If you've been frequenting popular SFF message boards lately, you are aware that a lot has been said about Peter Watts and his latest hard scifi novel, Blindsight. The more so since the author has made the book available for free on his website www.rifters.com. Many critics and readers opine that Blindsight should be a sure contender for a number of awards, and few people disagree. In addition, my recent interview with Watts leaves no one indifferent, at least judged by the responses I've been receiving. All of which, in the end, is for the best, for I believe that the more people get to know Peter Watts, the more will give Blindsight a shot. Those who do won't be disappointed, let me tell you!
Whenever I hear the appellation "hard-SF" I'm a bit concerned, because such works habitually require a Science degree or Ph. D. in order to understand what the concepts contained within the novel are all about. Neophytes never know if they'll "get it." Not so with Blindsight, though at times things are not that easy to follow.
The notes and refrences found at the end of the book show what sort of extensive research the writing of Blindsight required. Many claim that Peter Watts is on the cutting edge of science fiction. Be that as it may, although Blindsight is based on science and contains loads of scientific facts and jargon, the book also tackles enough philosophical issues to make it truly stand out from the other scifi works out there. As such, that makes Blindsight a demanding but utterly satisfying read.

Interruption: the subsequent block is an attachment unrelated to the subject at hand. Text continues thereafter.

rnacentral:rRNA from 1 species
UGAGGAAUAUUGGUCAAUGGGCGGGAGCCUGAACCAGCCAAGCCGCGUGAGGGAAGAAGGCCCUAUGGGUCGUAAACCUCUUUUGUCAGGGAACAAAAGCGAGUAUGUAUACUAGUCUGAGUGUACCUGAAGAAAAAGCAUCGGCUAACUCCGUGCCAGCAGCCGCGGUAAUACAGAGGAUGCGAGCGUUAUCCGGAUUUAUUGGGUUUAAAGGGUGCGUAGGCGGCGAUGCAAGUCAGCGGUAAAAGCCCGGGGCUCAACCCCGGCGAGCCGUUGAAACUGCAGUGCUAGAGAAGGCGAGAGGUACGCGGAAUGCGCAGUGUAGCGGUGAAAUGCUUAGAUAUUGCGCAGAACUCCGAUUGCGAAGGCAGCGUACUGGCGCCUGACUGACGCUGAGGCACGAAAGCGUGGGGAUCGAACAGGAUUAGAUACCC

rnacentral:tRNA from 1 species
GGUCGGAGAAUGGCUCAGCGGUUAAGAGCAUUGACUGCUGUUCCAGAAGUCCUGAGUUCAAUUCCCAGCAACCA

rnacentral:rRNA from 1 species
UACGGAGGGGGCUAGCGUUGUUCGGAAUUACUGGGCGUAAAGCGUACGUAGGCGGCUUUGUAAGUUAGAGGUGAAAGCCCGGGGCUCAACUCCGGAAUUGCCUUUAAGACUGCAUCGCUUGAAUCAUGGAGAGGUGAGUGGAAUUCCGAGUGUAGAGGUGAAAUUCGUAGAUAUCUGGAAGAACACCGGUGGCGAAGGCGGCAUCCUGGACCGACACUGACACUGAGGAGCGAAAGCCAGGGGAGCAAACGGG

The permise is traditional: First Contact with an alien race. Typical, you say? Not so, at least beyond that premise. Watts has many surprises up his sleeves, have no fear. The presence of vampires alone should pique your cusiosity.
I found Watts' cast of characters rather unique. When I originally read the blurb, I wondered what the hell it was all about. A linguist with multiple personalities, her brain surgically partitioned into four separate, sentient cores. A biologist so interfaced with machinery that he's barely human anymore. A pacifist warrior. A Synthesist with half his brain gone, there to act as a conduit between the mission and Earth. And a vampire to command them all. I found the story to be well-crafted and interesting, but it's the characterizations that really make Blindsight such a good reading experience.
Some readers have complained that the book is too "talky." I beg to differ in that regard. There is a panoply of facts and information that needs to be conveyed to the readers through the dialogues between the different characters. Otherwise, had this simply been part of the narrative, it would have been info dumping in industrial quantity, which in turn would have turned Blindsight into a sluggish and uneven read.
Kudos to the author for maintaining the omnipresent "don't know what will happen next" feeling throughout the novel. Flashback scenes similar to the ones found in Lynch's The Lies of Locke Lamora help flesh out events and characters. Again, that prevents the "real time" narrative from being filled with too much info.
All in all, if you are looking for a fascinating and thought-provoking book, Blindsight is definitely for you! And with a second printing on the way, you should have no problem getting your hands on a copy. Some say that Blindsight should capture the Hugo Award next year. Well, I wouldn't be surprised if it does. . .